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What Are Web Surfers Hiding?

By now, Google Chrome’s features are being closely dissected but one thing that struck me about the press conference earlier today was the focus on a feature called InCognito, which lets computer users have private surfing sessions that leave no tracks of where they’ve been and what they’ve done.

InCognito comes hot on the heels of a feature within IE8 Beta called InPrivate that lets you do the exact same thing. It’s anonymous surfing.

What I want to know is what people are doing that has compelled Google and Microsoft to roll out InCognito, which features a private detective icon, and inPrivate.

Are far more people than we think enjoying online porn? Are people trying to protect their eBay activity? Is Ashley Madison becoming all the rage within our increasingly short attention-span society?

There’s got to be a reason that private surfing has suddenly become so important. I mean, we’re all worried about browsing but most computers don’t have more than one user. And if you are on a computer with more than one user, you would think people would be aware of that, and resist the urge to surf porn.

And now back to your regular Chrome programming….., including tech maven, Walt Mossberg’s so-so review of Chrome.

More: For Firefox users, there’s a plug-in called Stealther that provides private surfing.

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  • http://aha.jduk.org ahajduk

    As for Private Browsing, all Mac users are enjoying it in Safari already… So it is not fresh idea from Redmond..

    And I believe you confuse “private” and “anonymous” browsing. It is not the same thing.

  • http://techwhimsy.com Shane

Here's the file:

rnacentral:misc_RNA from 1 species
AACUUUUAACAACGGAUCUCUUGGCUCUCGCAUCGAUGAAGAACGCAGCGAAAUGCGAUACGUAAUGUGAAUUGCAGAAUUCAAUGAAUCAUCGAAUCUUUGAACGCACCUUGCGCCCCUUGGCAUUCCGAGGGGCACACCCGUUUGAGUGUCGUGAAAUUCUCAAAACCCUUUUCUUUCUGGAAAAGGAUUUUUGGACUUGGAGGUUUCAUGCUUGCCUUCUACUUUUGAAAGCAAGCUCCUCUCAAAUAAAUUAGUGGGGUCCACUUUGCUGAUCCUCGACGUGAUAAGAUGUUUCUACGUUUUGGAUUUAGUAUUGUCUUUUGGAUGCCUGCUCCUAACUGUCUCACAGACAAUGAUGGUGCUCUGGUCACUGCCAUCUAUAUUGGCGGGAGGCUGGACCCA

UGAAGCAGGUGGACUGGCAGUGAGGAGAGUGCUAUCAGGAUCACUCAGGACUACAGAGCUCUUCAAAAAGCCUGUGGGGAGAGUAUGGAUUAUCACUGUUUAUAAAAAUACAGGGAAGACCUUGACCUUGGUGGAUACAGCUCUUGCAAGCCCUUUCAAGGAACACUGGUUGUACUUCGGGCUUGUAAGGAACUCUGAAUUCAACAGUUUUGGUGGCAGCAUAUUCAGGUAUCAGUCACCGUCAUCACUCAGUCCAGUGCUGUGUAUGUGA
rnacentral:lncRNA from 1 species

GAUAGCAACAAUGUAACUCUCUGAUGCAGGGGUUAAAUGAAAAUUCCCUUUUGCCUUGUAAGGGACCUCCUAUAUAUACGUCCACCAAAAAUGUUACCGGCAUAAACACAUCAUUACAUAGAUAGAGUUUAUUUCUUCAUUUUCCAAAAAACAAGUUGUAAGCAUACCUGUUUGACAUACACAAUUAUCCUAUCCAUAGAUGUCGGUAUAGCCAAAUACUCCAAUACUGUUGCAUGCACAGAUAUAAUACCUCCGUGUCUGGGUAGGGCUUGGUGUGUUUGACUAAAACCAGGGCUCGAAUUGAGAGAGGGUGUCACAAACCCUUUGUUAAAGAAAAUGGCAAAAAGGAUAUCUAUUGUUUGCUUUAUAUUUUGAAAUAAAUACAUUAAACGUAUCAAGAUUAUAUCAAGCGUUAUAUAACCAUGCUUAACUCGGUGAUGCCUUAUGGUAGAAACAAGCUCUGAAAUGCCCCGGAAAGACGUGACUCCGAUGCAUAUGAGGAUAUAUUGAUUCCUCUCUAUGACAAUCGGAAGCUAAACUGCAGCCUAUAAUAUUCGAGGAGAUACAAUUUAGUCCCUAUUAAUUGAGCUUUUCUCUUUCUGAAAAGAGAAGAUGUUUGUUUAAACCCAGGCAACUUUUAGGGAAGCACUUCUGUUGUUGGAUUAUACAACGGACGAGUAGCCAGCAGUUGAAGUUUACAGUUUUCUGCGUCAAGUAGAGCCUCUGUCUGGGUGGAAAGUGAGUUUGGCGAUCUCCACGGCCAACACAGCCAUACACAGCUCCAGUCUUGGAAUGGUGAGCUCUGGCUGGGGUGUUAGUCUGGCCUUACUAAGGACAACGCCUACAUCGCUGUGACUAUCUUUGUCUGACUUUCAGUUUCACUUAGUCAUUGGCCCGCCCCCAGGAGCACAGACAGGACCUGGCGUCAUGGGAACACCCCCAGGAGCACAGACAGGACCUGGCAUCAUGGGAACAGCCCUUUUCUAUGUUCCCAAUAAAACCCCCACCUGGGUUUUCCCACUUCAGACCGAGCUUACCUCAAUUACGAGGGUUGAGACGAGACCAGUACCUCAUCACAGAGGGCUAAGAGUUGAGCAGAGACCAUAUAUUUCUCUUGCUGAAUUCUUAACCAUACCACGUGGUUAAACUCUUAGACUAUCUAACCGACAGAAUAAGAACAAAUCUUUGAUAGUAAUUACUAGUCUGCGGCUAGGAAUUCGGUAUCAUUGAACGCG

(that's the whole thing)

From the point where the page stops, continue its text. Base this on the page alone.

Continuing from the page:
Personally, I think it’s almost entirely related to porn. Just because a computer has only one user doesn’t mean that there aren’t many times your significant other is looking over your shoulder as you type something into the location bar :-0

    I think private surfing is as important as it has always been. Previously, you had to be vigilant about deleting cookies, history, location bar etc after every ‘stealth session’. This often logged you out of your sites or wiped out most visited locations that were auto-completed.

    I think once people got a taste of how easy it is to manage all of this with a privacy mode, they realised how badly they wanted it.

  • http://profy.com Svetlana Gladkova

    I believe you under-estimate the importance of porn surfing – I have recently heard that every 9 of 10 clicks online are done on a porn-related link so that must prove why the developers see a potential for anonymous browsing.

  • http://nunovo.org.uk dp

    The anonymising feature strikes me as a bit of superficial dressing that’s meant mainly to give people a false sense of security. A lot of people are scared about online fraud, trojans, domestic spying and so on. They’ll be thinking any baked-in security features are a step in the right direction. I expect that any further security features would be equally welcome.

    I don’t know that these features are anything new. It may just be that they’re enabled with a single click instead of going through the options pages.

  • http://webskills.wordpress.com Chris Schmitt

    Horny teen boys all over the world will love this feature!